North Korea’s underground nuclear test

One of the striking features of South Korean foreign affairs during the Roh Moo-Hyun administration was how much South Korea offered to North Korea for so little in return.  It’s undeniable that South Koreans would like the entire peninsula to be unified in peace, but being soft with North Korea didn’t work out the way South Korea had hoped.

Then, in the wake of Roh Moo-Hyun’s death, the same Roh Moo-Hyun who was so generous and conciliatory toward the North Koreans, North Korea conducts an underground nuclear test.

It’s like spitting upon his grave.

Let there be no mistaking the character of the rulers of North Korea.  They have no love for humanity.  They are narcissitic in the extreme.

You’ve heard that all politics are local, and that’s especially true of North Korea.  The shameless way in which they conduct themselves is a Herculean effort to maintain a personality cult.  The personality cult has allowed the leadership to enjoy a consolidation of power for decades now.  With a succession question looming due to Kim Jong-Il’s declining health, we can surmise that top deputies are vying to be the most valiant and daring in continuing the legacy in order to arise as the eventual successor atop the pyramid.  Kim Jong-Il, and his father before him, have been shrouded in mythology, and the successor to Kim Jong-Il will certainly want to build a mythology around himself, too, to remain atop the personality cult pyramid.

But we, abroad, all know it’s a mirage.  Kim Jong-Il is no Superman, neither was his father, nor will be his successor.  They are human like the rest of us.  But we haven’t been inclined to demonstrate that the emperor wears no clothes.

Is it any wonder that North Korea and Iran seek nuclear weapons when the United States will never take punitive actions against other members of the nuclear arsenal club?  Not only are we inseparable allies with the United Kingdom, France, and Israel, but haven’t we become all too cozy with China?  Pakistan and India may be enemies of each other, but the United States has positioned itself as fawning allies of them both.  And finally, when Russia runs roughshod all over Georgia, we offer only lip service as condemnation?  Defense Secretary Gates said that since the end of World War II, the United States has always sought to avoid military confrontation with Russia and its predecessor, the Soviet Union.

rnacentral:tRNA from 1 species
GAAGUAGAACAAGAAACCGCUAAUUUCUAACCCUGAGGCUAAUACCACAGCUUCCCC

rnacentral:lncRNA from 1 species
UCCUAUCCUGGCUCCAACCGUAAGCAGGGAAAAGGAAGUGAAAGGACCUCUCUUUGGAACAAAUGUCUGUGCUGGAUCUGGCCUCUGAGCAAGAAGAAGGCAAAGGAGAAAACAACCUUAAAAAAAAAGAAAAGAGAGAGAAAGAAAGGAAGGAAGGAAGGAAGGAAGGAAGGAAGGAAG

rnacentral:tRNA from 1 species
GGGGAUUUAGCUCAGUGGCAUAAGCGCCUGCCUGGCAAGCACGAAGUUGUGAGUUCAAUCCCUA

And I think that’s the crux of the matter, right there.  There’s no upside to being a party to a non-proliferation treaty.  As long as countries agree to forego nukes, they run the risk that they will be meddled with by foreign powers.  Once a country has nukes, then outside interference ends.  That’s the lesson learned by the North Koreans and the Iranians.  It’s debatable whether North Korea has designs on its neighbors or not, but those at the pinnacle of power of the personality cult certainly don’t want to risk any outside interference in messing up their domestic hold on power.

The brinksmanship games that North Korea plays only feed the mythology propagated throughout the North Korean populace.  The six-party talks are characterized in such a way that renowned nations such as South Korea, Japan, China, Russia, and the United States, all come crawling to North Korea on hands and knees begging for some small concessions.  Sometimes the North Koreans indulge the petty requests of those beggars, and sometimes not.  See how the current methods of dealing with North Korea only enable them?